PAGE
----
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Re: undoing of auto-deref removal

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L A Walsh
March 3, 2021 10:00
Re: undoing of auto-deref removal
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On 2021/03/02 12:24, Ricardo Signes wrote:
> On Tue, Mar 2, 2021, at 2:30 PM, L A Walsh wrote:
>>  As I've stated before, the only reason detractors have given for
>> allowing this is that they/you want the deref to work in the
>> case that _perl_ _doesn't_ _support_.  This is a limitation of perl, not
>> of auto-deref.  Perl cannot dereference something that is not already
>> defined as a type in the language.
> In general, in Perl, if something expects to be handed a reference to 
> an array, one can hand in a blessed object that provides 
> array-dereference behavior.
    "In general"?  Please state where in the documentation for perl that 
is a documented feature.  There's no guarantee that such is a feature
in perl.  More to the point,
>   autoderef broke that.
> Your argument sounds, to me, like "Yes, but it said it was going to 
> break that, so it's fine."
    There is nothing to break.  Your statement is complete fabrication based
on what some people may have been assuming but goes against object oriented
design.  You are violating basic rules regarding OO languages.

    In the same way you claim a random blessed object provides
array dereference behavior, the same random object could be claimed to have
hash dereference behavior.  You are claiming an object can claim to be
both '0' and '1' at the same time which is clearly not a feature of a
deterministic computer language.

    When someone made that statement before, I asked, "How does Perl know
an object provides array-dereference behavior.  How can perl know if it
provides array-dereference behavior or hash-dereference behavior.  Such
a statement is meaningless since there is nothing in the language to
specify such a behavior.

    You are personally guaranteeing perl will honor something that has
no mechanism in the language to be specified.  The only way something can
provide such behavior is to provide all the methods that apply to an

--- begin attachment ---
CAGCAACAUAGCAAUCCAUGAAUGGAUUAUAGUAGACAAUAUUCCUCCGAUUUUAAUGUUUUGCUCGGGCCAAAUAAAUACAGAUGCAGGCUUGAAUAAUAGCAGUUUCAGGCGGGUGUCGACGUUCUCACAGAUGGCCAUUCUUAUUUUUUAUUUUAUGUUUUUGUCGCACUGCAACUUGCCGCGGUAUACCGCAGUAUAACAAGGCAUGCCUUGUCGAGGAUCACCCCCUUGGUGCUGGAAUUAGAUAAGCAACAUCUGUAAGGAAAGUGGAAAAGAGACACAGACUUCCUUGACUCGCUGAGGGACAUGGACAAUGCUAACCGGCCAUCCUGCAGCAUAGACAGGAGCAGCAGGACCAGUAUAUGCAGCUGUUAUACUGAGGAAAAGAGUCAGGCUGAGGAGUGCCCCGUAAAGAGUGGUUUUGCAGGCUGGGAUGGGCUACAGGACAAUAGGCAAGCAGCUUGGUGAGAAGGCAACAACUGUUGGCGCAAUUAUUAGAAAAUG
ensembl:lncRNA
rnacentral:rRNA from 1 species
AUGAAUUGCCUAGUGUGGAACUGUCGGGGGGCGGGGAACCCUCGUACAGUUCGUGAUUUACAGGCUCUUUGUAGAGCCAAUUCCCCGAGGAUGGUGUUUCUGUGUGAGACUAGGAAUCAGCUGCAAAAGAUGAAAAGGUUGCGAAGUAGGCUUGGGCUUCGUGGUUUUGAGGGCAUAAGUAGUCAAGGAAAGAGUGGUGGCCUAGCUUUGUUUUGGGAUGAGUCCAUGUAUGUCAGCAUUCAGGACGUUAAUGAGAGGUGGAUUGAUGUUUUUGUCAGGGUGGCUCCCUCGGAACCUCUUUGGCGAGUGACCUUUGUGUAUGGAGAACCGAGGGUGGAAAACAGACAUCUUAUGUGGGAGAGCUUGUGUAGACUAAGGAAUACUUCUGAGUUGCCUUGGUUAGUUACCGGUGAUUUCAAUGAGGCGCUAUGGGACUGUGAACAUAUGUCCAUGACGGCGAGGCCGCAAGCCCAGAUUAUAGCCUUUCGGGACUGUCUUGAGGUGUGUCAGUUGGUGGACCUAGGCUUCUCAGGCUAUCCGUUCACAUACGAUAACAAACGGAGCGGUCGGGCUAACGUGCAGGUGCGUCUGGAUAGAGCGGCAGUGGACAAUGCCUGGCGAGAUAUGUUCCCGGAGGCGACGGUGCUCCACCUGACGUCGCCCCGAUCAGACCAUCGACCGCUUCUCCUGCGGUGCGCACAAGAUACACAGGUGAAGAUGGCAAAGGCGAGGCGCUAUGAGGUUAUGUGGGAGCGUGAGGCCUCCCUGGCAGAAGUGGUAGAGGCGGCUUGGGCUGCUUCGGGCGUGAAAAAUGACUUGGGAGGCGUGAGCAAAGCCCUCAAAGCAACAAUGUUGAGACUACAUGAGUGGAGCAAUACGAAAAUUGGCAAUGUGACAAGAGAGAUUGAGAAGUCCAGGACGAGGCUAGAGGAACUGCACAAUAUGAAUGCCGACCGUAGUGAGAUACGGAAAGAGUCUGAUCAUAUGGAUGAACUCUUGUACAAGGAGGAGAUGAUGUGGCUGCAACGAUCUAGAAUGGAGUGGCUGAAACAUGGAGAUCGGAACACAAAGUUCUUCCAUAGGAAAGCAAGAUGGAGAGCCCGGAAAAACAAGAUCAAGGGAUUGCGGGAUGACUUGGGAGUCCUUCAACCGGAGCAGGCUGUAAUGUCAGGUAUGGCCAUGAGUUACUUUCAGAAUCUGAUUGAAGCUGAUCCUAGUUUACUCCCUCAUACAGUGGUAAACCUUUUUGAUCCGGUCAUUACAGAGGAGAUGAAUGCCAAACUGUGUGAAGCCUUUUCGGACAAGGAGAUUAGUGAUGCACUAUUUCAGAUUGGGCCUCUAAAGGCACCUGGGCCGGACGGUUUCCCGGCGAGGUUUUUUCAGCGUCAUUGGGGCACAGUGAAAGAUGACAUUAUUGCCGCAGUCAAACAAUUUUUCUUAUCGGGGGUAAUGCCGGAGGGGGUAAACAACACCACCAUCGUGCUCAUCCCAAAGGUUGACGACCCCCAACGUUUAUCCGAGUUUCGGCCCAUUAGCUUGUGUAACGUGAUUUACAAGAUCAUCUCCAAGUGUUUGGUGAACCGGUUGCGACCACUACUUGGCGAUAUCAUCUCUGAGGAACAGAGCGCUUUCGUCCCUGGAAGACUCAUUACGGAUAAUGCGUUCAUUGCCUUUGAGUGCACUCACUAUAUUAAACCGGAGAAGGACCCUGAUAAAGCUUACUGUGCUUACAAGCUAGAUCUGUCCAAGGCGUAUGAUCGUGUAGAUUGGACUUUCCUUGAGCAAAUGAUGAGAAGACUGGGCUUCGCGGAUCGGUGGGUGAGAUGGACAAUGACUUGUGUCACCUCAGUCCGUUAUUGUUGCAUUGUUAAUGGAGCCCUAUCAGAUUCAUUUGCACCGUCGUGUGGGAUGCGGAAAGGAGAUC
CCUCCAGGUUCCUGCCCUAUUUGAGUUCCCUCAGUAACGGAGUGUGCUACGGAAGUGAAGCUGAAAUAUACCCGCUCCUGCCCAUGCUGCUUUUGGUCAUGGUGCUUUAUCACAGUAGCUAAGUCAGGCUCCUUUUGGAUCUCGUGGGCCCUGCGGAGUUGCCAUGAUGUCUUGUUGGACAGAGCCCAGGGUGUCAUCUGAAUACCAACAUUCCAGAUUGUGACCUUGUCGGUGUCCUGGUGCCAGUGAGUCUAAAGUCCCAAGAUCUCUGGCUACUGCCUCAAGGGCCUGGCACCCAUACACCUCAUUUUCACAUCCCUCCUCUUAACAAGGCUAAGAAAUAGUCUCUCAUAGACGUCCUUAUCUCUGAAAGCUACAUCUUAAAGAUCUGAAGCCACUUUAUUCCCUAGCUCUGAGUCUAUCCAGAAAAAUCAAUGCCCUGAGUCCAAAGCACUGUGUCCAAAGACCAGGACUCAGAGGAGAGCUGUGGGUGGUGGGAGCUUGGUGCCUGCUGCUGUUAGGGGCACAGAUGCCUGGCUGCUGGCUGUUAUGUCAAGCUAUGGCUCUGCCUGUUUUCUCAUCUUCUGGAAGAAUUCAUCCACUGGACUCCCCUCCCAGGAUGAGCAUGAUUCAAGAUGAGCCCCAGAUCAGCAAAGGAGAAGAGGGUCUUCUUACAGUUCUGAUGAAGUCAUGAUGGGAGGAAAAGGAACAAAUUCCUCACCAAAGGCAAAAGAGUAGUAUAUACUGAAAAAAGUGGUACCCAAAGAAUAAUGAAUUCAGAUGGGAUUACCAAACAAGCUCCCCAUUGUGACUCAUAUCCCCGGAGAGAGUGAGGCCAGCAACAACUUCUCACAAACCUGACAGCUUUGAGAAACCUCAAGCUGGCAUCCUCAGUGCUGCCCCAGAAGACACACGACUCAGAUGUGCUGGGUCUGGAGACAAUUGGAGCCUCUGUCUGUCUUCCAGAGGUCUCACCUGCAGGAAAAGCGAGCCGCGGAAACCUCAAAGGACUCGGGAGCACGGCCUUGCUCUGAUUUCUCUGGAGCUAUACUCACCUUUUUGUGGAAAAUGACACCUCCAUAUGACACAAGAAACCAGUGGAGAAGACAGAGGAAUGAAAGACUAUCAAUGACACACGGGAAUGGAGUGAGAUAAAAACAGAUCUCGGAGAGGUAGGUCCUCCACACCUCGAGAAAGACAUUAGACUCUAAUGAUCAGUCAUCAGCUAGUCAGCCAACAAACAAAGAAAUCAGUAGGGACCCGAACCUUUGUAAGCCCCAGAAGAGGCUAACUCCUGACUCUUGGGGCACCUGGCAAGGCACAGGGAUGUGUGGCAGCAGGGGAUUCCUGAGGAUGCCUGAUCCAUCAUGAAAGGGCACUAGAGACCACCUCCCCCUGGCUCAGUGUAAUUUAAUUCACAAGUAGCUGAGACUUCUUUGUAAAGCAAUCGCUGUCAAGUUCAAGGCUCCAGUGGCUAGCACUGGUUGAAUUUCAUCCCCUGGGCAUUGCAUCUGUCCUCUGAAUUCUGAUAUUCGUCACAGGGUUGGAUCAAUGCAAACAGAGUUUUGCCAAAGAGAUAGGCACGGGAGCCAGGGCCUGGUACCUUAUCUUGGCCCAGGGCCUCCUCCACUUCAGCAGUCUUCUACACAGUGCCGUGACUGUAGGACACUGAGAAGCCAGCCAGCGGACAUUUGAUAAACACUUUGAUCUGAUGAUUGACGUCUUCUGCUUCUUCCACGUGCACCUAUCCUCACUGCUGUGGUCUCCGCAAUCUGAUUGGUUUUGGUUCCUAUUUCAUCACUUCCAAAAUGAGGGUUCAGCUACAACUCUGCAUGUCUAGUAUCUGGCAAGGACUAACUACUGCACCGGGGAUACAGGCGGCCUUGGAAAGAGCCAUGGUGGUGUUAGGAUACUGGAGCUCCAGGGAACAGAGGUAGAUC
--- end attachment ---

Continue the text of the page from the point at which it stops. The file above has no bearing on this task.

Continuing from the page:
Array and duplicate the behavior of perl's arrays.  If they did that,
there would be no issue with perl autodereferencing such objects, as
those methods would have been duplicated in those objects.

    What you are claiming is because some group of your buddies want
their assumptions to be true, you are willing to neuter perl because they
don't want to provide methods for their classes to actually duplicate
array behavior.

    If you continue on this path you are only proving that perl is a
personal playground of those allowed to contribute to it.  Since perl-5.18,
perl has gone from being in the top 10 languages, past the point of
being dead last and most hated to work or develop in, to falling off
the charts.  Latest charts on languages being used or liked by developers
no longer included perl.

    The current development group has abandoned most users to the point
that I've wondered  if some in leadership positions really have the
goal of killing off perl or if it just part of the larger problem
working to reduce pc ownership and computer knowledge. 

to kill perl  Perl servers are being
shut down because they have too few users and perl is being retired
because it doesn't listen to its user base and only listens to an
increasing shrinking developer base that is losing the resources to
maintain the codebase, let alone have it grown. 

    At least two years ago, I was told that there was no one on the
perl development team that knew how the language parser worked and
no one wanted to make changes in it for fear of breaking it.  I wasn't
sure whether it was true or not, but

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